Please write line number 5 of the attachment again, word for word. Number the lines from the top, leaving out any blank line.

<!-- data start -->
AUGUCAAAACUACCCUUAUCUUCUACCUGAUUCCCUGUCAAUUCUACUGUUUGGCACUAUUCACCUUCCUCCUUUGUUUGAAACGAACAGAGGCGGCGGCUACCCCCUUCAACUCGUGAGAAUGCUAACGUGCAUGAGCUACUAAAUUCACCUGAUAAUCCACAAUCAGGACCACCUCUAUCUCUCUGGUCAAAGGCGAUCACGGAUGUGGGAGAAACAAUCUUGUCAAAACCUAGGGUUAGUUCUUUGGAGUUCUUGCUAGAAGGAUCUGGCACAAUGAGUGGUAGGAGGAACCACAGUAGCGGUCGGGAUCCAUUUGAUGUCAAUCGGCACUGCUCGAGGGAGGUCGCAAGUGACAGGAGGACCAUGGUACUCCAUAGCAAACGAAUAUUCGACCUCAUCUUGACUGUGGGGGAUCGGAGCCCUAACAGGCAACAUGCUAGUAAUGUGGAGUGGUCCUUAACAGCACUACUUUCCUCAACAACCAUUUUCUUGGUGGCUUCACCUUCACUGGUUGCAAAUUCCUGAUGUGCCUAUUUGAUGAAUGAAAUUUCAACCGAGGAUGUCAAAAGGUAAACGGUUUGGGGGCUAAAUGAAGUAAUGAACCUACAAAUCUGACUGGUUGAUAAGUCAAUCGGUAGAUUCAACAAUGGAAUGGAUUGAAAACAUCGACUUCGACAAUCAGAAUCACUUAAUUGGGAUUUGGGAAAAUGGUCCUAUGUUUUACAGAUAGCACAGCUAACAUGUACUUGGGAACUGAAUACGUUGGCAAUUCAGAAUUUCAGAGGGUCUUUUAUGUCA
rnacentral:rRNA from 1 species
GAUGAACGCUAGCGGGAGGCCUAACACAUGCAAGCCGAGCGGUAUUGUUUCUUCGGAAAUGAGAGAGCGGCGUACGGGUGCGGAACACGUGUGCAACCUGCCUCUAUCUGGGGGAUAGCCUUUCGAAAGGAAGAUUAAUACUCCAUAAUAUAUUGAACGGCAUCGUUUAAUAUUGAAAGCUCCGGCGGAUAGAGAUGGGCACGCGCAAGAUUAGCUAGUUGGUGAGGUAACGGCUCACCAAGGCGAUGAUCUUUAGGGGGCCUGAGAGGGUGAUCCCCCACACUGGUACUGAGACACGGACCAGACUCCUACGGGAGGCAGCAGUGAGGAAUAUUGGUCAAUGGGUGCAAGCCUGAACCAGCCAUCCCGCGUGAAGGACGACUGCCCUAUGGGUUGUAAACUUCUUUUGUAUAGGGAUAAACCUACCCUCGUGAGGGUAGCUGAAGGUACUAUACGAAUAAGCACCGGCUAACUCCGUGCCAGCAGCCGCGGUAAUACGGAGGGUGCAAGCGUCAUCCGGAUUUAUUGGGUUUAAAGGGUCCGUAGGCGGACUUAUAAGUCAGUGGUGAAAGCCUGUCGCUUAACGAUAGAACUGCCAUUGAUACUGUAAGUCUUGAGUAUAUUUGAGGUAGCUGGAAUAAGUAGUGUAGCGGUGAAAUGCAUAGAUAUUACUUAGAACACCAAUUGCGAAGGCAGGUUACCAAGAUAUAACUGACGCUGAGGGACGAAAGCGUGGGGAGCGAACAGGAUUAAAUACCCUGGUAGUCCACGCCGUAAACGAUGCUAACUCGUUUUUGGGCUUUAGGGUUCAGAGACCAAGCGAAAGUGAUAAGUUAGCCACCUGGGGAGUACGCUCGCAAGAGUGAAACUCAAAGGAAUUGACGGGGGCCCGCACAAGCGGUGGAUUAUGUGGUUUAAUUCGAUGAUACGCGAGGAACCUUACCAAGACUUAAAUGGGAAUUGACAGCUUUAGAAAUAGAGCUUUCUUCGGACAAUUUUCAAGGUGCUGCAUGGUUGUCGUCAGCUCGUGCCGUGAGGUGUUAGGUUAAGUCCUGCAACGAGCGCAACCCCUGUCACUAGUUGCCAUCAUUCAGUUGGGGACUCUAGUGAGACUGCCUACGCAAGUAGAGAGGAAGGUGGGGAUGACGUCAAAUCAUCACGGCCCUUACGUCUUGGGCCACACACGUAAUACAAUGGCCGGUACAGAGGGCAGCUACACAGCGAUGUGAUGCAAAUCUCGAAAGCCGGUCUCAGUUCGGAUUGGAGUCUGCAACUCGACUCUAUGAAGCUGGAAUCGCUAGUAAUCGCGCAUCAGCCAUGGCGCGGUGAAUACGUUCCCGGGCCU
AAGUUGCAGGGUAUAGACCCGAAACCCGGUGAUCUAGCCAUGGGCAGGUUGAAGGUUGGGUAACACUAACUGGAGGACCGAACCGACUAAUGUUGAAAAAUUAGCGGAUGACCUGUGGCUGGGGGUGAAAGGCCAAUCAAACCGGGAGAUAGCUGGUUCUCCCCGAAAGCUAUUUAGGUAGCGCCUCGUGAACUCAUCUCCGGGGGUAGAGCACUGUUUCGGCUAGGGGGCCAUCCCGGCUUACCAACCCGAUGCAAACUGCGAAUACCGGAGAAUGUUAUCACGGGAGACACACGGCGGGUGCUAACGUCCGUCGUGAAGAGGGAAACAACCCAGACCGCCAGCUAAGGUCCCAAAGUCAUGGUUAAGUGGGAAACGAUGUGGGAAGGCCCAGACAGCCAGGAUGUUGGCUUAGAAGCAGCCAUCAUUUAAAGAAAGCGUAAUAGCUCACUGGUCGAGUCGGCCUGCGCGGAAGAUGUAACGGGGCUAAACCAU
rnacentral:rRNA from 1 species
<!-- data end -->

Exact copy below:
rnacentral:rRNA from 1 species